Congress passed President Joe Biden’s infrastructure bill on Friday after months of negotiations and concessions between moderate and progressive Democrats.
The Build Back Better agenda includes two bills: an infrastructure bill that has the support of both Republicans and Democrats and a reconciliation bill that only Democrats support. The infrastructure bill has provisions for items such as roads, bridges and construction, whereas the reconciliation bill has items related to education, health care and climate spending.
“Infrastructure is one of the last bastions of truly bipartisan political overlap because it provides something that any political ideology can get behind,” Drake political science professor Matthew Record said. “It is a massive return on long term investment. If you’re going to spend a single dollar in a society, spending it on long term infrastructure is almost always one of the best ways to spend that money.”
The infrastructure bill has more support and includes more traditional spending compared to the reconciliation bill, which has more items related to the Democrats’ legislative agenda.
“Democrats like it because it puts people to work. It increases economic opportunities to people who would normally have them,” Record said. “Republicans like it because it increases economic growth overall. And almost any politician likes something that’s there for decades because you can put your name on it [and] pat yourself on the back for having had a long-lasting impact on society.”
Cuts to the reconciliation bill come with a decreased impact on the average American citizen or Drake student. Free community college, climate legislation and major health care provisions have all been nixed from the reconciliation bill in the negotiation process, according to Record.
“I think it has been held out to the point that a Drake student probably wouldn’t notice [the package] one way or the other … We’re talking about trillions of dollars, but we’re talking about trillions of dollars being spent over 10 years,” Record said. “We’re talking about, relative to the U.S. economy, increases of spending of single digit percentage points. I think that as Drake students kind of transition into their postgraduate life, and we’re talking about families and things like that, I think things like the childcare subsidy and maternity leave and paternity leave would have especially benefited them a lot.”
The bipartisan infrastructure bill comes with a price tag of $1.2 trillion, and the reconciliation bill is $1.75 trillion, down significantly from its original $3.5 trillion amount. For the Drake Democrats, this is not enough.
“Initially when the bill was being proposed, it was much more comprehensive in that infrastructure was defining various things such as rail infrastructure, internet infrastructure, climate change, issues like that,” said Kody Craddick, president of the Drake Democrats. “I think we would like it to be more funding in that realm.”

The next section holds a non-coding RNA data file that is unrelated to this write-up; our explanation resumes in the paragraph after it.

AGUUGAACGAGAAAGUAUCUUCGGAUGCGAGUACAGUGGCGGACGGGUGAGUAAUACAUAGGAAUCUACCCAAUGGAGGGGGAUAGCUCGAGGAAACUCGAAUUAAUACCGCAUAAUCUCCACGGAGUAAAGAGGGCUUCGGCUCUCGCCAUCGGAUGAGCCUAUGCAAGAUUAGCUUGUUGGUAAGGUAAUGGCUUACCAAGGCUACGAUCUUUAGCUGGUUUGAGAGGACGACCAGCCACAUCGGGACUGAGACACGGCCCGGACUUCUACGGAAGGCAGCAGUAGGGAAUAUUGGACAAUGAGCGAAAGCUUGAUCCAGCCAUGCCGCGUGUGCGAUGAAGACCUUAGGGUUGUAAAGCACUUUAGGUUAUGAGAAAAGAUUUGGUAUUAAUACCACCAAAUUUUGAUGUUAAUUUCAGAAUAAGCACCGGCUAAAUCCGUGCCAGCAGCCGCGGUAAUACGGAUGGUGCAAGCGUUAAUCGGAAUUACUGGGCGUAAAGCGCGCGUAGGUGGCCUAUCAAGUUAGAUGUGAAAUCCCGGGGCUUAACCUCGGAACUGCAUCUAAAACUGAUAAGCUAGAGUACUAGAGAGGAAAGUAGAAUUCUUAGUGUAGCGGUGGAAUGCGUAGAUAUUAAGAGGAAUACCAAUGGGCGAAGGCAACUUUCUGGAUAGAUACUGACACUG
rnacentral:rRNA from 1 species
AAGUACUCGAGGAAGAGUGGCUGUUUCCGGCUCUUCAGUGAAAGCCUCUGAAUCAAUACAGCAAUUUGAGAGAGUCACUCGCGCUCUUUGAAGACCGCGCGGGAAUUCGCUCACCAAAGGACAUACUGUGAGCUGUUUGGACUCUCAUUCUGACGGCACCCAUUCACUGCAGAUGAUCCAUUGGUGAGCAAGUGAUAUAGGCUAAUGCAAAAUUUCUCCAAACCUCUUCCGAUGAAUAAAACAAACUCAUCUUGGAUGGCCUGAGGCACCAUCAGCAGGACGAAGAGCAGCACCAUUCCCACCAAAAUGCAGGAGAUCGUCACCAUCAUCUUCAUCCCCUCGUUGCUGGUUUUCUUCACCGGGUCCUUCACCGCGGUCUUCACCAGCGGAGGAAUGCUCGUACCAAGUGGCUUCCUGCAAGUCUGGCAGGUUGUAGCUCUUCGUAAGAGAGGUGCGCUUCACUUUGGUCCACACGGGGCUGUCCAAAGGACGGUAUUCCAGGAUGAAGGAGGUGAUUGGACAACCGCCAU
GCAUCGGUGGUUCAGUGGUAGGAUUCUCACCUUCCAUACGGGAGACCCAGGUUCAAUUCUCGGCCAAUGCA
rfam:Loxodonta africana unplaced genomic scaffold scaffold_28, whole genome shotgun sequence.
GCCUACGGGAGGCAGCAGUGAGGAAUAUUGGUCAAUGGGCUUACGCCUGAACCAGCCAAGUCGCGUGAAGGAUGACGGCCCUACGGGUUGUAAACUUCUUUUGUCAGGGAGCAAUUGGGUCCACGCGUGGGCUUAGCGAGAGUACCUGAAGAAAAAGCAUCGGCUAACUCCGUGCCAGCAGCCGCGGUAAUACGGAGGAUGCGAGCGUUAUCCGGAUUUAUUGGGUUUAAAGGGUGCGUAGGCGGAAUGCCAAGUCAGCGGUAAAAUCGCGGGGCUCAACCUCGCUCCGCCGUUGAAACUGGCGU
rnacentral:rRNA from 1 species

For the Drake College Republicans, this is too much government spending.
“We already have a problem with this administration spending too much and spending money that the American government does not have. [What] concerns me and a lot of other Republicans on this campus is the price tag,” said Matt Deike, executive director of the Drake College Republicans. “We’re going to have to live with that debt and we’re going to have to pay that back. And looking at a responsible way to pay for infrastructure is a major concern that I would like to see addressed with this bill.”
Democratic senators Joe Manchin of West Virginia and Kyrsten Sinema of Arizona agree with Republicans that the reconciliation package’s cost is too high, so they did not commit to vote for the reconciliation bill until the overall price tag was lowered. Since the Senate has an exact 50-50 split, Democrats cannot pass the reconciliation bill without these senators’ support. Vice President Kamala Harris would break the tie in such a split, giving Democrats the ability to pass the legislation without any Republican votes.
Reconciliation refers to a legislative process that allows a party to pass a bill with only a bare majority, or 50% support under certain circumstances. Record said that Democrats split their legislative priorities into two separate bills because of the lack of Republican support for the programs in the reconciliation bill.
“Once a year, you can pass [budgetary] changes through the Congress that don’t require a supermajority to get past the filibuster,” Record said. “That’s what the Democrats are trying to do right now. Basically, they’re trying to craft a revenue neutral version of an infrastructure bill by raising taxes on the rich and putting new spending programs into place in order to be able to pass with a bare majority of senators rather than a supermajority of senators.”